The leadership of North Korea is poorly understood in Western political discourse. Kim Jong Un and his predecessors are vilified, mocked and dismissed with the usual western buzzwords of “dictator”, “brutal”, “despot”, “madman” and so on. When faced with the observation that many people in North Korea happen to revere the leadership, again westerners dismiss it as “propaganda”, “an act”, “brainwashing” or so on, as the average western assumes it is impossible they can be in any way legitimate. But this simplistic and highly misleading. At Visit North Korea, we are an educational organisation, we believe in utilizing critical thinking to challenge the way people think about the world. Without making a judgement on the moral character of these leaders (which is not what this article is doing), the loaded terms and assumptions above ultimately reflect a poor understanding of North Korea’s history, politics and culture. Thus today, we will explain why North Koreans revere the leadership of their state the way they do.
Korea is a not western country. That speaks for both Koreas. Neither share the West’s normative foundations of evangelical liberal universalism. Although the political and economic circumstances of North and South Korea have diverged massively, they both share a common philosophical tradition in how they think about society and people. This is known as Confucianism. It is a tradition which dominated Korea officially for millennia. Unlike standard liberalism, which emphasizes human beings as individualistic and fundamentally equal, Confucian thinking is atomistic. In Confucianism, humans are not equal but they exist within a network of hierarchical social relationships. Traditional Confucian thought emphasizes five in particular, they are: subject to ruler, husband to wife (it was of course patriarchal), younger to elder and father to son. Strong piety is to be exercised in each relationship accordingly. Elements of this tradition persists in both Koreas today. Of course, for the interests of this article we will stick to the “subject to ruler” relationship. The point is though, Korean is hierarchic. There is a strong emphasis on social roles and compliance and respect towards authority.
With this emphasis on roles and obedience to authority, Confucianism also went further. It taught that leaders must rule “benevolently”; That leaders sustain their roles through moral excellence and brilliance, leading primarily by example and teaching. The state in Confucianism is therefore interventionist, it is inherently paternalistic. This is the point where the North Korean leadership comes into the equation. As much as North Korea is a state that was built in the model of Stalinism, Korean Historian Bruce Cummings notes that the North Korean system essentially blended with pre-modern Confucian traditions, with the themes of “benevolent leadership” and “filial piety” being mixed with Marxist-Leninism, post-colonialism and revolutionary socialism.
With this, Kim Il Sung, the first leader of North Korea, was therefore not understood as a “Stalinist despot” as the way the west might argue, but rather a “benevolent leader” and a father figure, placed in the context of a socialist nation state. North Korea is a family. As with his successors, many North Koreans therefore feel a sense of piety, devotion and connection to the leaders. Influenced by this thinking, leaders of North Korea seek to appear “benevolent” and “virtuous”, seeking to guide and therefore educate the people with their thought. The constant talk of their achievements and acts by North Korean media is therefore not simply glorifying them for the sake of glorifying them, but because these things are what generates political legitimacy in Korean tradition. Many of the public behaviours towards the Kims, such as bowing and giving flowers, are simply manifestations of Korean customs. Koreans traditionally bow to their superiors, as well as giving flowers for appreciating one’s deeds and achievements. Thus, personality cult of the Kims is not parallel to that of Stalin or similar leaders (although there are obviously, some parallels to Mao). Those cults emphasize strength, this one emphasizes moral excellence and achievement. Therefore, the Kims are not revered in North Korea not only people are forced to do so, but because many people genuinely believe in their exemplary deeds and service to the Korean nation as a whole. Therefore, many believe it is their duty to obey. Thus, when North Korea gets offended by the mocking or insulting of Kim Jong Un, it is not because “they hate our values and freedom of speech” but because it is the literal equivalent of insulting one’s family name, a big deal in Asian culture.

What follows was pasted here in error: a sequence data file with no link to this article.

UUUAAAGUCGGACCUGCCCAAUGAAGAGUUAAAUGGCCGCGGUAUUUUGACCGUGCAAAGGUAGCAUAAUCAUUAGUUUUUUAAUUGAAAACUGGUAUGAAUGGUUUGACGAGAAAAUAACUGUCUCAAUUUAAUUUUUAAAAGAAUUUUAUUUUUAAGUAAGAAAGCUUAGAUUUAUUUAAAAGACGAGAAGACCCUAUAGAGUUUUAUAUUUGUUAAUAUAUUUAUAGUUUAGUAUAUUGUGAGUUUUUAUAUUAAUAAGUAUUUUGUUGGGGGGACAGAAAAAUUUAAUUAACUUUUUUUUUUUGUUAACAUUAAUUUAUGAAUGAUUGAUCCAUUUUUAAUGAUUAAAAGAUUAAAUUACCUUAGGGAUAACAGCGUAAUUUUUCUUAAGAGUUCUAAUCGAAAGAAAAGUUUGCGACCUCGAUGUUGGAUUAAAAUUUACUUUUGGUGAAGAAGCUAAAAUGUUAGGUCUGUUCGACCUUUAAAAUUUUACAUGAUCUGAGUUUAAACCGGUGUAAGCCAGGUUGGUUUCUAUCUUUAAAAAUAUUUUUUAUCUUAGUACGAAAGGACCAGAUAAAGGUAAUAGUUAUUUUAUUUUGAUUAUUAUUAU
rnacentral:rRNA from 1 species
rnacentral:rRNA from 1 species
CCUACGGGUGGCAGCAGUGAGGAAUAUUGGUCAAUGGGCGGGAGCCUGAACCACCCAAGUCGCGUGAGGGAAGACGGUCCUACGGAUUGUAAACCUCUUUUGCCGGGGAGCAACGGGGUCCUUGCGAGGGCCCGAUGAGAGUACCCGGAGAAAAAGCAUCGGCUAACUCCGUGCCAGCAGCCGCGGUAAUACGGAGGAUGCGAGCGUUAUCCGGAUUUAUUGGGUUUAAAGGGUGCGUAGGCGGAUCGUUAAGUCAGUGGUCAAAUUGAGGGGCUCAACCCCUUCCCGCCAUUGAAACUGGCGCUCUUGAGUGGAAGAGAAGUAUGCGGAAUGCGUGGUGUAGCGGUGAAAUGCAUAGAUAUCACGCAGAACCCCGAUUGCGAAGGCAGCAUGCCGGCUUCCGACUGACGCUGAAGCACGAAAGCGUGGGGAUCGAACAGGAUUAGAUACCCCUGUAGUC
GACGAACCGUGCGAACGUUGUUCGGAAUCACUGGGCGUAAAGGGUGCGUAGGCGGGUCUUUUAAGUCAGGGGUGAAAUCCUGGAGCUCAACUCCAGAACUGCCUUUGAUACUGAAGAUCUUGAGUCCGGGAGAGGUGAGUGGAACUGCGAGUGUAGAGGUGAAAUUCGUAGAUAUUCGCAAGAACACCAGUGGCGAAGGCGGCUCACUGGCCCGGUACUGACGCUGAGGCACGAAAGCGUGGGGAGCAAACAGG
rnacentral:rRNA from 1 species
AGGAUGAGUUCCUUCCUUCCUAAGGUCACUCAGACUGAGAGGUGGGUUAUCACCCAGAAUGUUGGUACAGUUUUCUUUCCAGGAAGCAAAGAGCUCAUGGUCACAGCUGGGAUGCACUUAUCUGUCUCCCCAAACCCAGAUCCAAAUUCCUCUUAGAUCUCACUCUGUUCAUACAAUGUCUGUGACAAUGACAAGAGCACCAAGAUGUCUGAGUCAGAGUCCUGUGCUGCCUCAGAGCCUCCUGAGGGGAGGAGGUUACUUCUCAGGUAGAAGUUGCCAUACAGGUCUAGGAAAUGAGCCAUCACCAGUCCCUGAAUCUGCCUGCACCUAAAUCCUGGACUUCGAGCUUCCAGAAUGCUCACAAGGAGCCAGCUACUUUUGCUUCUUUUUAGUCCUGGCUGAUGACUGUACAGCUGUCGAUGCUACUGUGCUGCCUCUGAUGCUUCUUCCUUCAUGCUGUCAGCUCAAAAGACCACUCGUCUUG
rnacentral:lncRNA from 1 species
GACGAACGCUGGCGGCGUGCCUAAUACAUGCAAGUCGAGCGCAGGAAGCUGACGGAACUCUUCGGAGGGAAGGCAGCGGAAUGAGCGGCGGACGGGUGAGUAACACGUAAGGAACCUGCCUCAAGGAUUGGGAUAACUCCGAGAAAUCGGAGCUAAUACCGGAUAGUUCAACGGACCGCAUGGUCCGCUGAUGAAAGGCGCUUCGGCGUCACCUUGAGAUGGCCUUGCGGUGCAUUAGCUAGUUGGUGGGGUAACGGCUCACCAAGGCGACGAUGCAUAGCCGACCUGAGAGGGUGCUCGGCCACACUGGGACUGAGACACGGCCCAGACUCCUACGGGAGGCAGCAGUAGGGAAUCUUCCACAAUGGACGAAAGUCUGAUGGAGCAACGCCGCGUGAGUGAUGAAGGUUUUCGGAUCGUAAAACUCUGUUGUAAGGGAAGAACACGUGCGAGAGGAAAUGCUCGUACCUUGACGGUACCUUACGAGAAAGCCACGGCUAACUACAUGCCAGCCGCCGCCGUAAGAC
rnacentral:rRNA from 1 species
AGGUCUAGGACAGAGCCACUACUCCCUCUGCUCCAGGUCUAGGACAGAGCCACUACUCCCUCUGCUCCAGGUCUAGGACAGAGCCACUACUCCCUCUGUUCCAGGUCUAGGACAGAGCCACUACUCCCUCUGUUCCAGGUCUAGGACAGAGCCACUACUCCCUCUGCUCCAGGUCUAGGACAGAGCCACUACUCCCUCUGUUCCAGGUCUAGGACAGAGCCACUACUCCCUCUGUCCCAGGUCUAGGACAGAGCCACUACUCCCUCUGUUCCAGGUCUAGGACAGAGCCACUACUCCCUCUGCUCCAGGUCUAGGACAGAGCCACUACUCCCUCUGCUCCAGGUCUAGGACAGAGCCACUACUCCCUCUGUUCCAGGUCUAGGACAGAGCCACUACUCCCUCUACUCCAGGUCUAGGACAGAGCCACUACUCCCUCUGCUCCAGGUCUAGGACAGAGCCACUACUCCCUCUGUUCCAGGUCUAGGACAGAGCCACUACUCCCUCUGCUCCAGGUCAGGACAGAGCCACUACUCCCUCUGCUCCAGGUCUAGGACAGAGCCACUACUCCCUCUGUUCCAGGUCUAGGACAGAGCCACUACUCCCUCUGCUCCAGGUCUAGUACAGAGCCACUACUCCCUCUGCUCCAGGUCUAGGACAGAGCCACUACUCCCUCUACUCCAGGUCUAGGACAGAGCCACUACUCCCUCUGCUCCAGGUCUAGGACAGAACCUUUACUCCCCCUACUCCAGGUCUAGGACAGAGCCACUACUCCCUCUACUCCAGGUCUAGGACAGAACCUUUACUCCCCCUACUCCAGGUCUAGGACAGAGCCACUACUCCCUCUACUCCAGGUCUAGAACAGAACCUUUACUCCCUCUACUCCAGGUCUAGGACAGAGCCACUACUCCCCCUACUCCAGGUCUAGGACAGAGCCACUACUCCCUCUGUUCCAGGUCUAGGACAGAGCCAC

With obedience and piety as political obligations in North Korea, it is therefore misleading to simplify reverence of the Kims as the product of pure force or coercion. The situation is more complex and it is steeped in anthropological and social nuances which are poorly understood outside of Asia. This does not mean of course North Koreans do not have doubts or criticisms, but it means the social role of those elements matter less in the bigger picture than what they do in the West. For them, it is about loyalty. Ultimately, the fact that North Korea has had less exposure to Western cultural influences than the South, as well as being aligned against “the west” and a relative state of isolation, has preserved traditional thinking and social relationships to the point they have uniquely influenced politics. Kim Jong Un himself should not be characterized as a “madman” simply playing these people for fools, he himself is a constrained component of this social order pressed by the obligations placed upon him by his father, whom as a Korean, must be intrinsically loyal towards.